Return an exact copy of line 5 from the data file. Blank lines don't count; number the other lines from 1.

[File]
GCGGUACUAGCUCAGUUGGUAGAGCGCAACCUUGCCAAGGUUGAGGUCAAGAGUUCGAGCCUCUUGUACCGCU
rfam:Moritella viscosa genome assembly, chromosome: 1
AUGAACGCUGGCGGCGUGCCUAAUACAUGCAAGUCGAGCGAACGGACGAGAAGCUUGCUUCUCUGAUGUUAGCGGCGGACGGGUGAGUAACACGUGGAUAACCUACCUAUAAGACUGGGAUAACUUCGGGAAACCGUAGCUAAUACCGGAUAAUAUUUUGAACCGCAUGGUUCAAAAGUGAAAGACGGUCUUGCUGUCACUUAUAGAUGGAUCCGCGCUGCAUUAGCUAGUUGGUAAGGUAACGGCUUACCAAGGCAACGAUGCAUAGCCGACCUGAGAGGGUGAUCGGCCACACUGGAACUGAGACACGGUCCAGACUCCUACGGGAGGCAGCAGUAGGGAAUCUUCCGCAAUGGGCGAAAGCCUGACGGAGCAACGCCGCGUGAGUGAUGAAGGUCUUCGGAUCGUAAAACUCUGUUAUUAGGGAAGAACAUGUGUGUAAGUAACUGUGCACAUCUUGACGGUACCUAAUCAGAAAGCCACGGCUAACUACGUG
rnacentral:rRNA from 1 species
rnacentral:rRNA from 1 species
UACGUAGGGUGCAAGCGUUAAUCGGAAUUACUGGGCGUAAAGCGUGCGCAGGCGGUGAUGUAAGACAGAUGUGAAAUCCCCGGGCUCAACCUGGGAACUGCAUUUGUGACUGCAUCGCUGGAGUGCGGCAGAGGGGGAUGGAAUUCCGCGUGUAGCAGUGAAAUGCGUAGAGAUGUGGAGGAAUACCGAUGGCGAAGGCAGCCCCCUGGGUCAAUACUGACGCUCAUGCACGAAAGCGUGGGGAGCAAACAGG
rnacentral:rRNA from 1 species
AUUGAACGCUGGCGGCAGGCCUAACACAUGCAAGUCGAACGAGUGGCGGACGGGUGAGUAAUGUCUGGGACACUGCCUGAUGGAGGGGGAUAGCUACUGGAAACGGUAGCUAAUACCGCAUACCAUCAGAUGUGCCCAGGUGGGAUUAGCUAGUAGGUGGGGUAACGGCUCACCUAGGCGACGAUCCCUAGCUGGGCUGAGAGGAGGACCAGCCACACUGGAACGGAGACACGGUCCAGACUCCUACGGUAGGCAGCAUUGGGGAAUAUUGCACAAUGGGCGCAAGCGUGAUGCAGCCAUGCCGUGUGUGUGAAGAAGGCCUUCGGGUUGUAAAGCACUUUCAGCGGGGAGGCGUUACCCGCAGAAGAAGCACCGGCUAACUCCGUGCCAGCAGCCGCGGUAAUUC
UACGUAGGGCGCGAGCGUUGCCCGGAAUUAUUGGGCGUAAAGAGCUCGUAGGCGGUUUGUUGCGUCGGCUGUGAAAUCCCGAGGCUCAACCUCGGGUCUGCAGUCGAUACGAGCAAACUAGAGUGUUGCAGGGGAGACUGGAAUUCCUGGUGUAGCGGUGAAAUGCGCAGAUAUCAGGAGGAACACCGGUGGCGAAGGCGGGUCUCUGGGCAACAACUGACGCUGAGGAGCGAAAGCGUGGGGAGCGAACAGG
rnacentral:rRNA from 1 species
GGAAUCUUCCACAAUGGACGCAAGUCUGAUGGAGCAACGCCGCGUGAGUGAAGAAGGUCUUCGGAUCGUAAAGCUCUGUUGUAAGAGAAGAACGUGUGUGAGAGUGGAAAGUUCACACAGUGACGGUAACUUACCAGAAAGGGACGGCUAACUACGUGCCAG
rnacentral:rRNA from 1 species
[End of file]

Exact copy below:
rnacentral:rRNA from 1 species